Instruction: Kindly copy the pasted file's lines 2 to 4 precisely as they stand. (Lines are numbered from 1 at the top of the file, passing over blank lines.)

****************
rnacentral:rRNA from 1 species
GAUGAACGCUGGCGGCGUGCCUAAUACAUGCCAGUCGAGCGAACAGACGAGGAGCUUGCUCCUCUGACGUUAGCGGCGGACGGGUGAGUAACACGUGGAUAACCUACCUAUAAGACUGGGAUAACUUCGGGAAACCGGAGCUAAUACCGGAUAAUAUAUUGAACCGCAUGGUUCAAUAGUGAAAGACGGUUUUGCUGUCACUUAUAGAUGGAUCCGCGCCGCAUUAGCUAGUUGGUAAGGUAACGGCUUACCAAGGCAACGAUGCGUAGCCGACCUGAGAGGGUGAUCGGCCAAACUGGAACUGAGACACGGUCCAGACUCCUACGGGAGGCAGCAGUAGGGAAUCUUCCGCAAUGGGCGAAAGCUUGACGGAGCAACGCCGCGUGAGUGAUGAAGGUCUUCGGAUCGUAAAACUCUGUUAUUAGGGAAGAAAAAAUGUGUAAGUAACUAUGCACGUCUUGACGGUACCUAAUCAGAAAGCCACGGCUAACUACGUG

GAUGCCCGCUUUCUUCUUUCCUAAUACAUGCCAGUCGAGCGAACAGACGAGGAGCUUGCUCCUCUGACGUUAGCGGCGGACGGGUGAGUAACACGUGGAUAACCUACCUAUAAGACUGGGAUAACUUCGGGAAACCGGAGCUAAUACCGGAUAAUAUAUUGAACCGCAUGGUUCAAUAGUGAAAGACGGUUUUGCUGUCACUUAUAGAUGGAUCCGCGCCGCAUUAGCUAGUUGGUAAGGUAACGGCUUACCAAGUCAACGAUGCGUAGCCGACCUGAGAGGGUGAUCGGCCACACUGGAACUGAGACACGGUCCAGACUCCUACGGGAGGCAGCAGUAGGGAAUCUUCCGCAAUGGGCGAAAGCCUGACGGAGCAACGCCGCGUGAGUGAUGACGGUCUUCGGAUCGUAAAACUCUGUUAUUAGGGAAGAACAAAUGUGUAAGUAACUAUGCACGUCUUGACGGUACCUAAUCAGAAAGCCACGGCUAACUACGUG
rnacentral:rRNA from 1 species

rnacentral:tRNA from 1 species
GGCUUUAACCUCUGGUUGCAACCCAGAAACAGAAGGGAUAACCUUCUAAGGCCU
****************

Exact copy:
GAUGAACGCUGGCGGCGUGCCUAAUACAUGCCAGUCGAGCGAACAGACGAGGAGCUUGCUCCUCUGACGUUAGCGGCGGACGGGUGAGUAACACGUGGAUAACCUACCUAUAAGACUGGGAUAACUUCGGGAAACCGGAGCUAAUACCGGAUAAUAUAUUGAACCGCAUGGUUCAAUAGUGAAAGACGGUUUUGCUGUCACUUAUAGAUGGAUCCGCGCCGCAUUAGCUAGUUGGUAAGGUAACGGCUUACCAAGGCAACGAUGCGUAGCCGACCUGAGAGGGUGAUCGGCCAAACUGGAACUGAGACACGGUCCAGACUCCUACGGGAGGCAGCAGUAGGGAAUCUUCCGCAAUGGGCGAAAGCUUGACGGAGCAACGCCGCGUGAGUGAUGAAGGUCUUCGGAUCGUAAAACUCUGUUAUUAGGGAAGAAAAAAUGUGUAAGUAACUAUGCACGUCUUGACGGUACCUAAUCAGAAAGCCACGGCUAACUACGUG

GAUGCCCGCUUUCUUCUUUCCUAAUACAUGCCAGUCGAGCGAACAGACGAGGAGCUUGCUCCUCUGACGUUAGCGGCGGACGGGUGAGUAACACGUGGAUAACCUACCUAUAAGACUGGGAUAACUUCGGGAAACCGGAGCUAAUACCGGAUAAUAUAUUGAACCGCAUGGUUCAAUAGUGAAAGACGGUUUUGCUGUCACUUAUAGAUGGAUCCGCGCCGCAUUAGCUAGUUGGUAAGGUAACGGCUUACCAAGUCAACGAUGCGUAGCCGACCUGAGAGGGUGAUCGGCCACACUGGAACUGAGACACGGUCCAGACUCCUACGGGAGGCAGCAGUAGGGAAUCUUCCGCAAUGGGCGAAAGCCUGACGGAGCAACGCCGCGUGAGUGAUGACGGUCUUCGGAUCGUAAAACUCUGUUAUUAGGGAAGAACAAAUGUGUAAGUAACUAUGCACGUCUUGACGGUACCUAAUCAGAAAGCCACGGCUAACUACGUG
rnacentral:rRNA from 1 species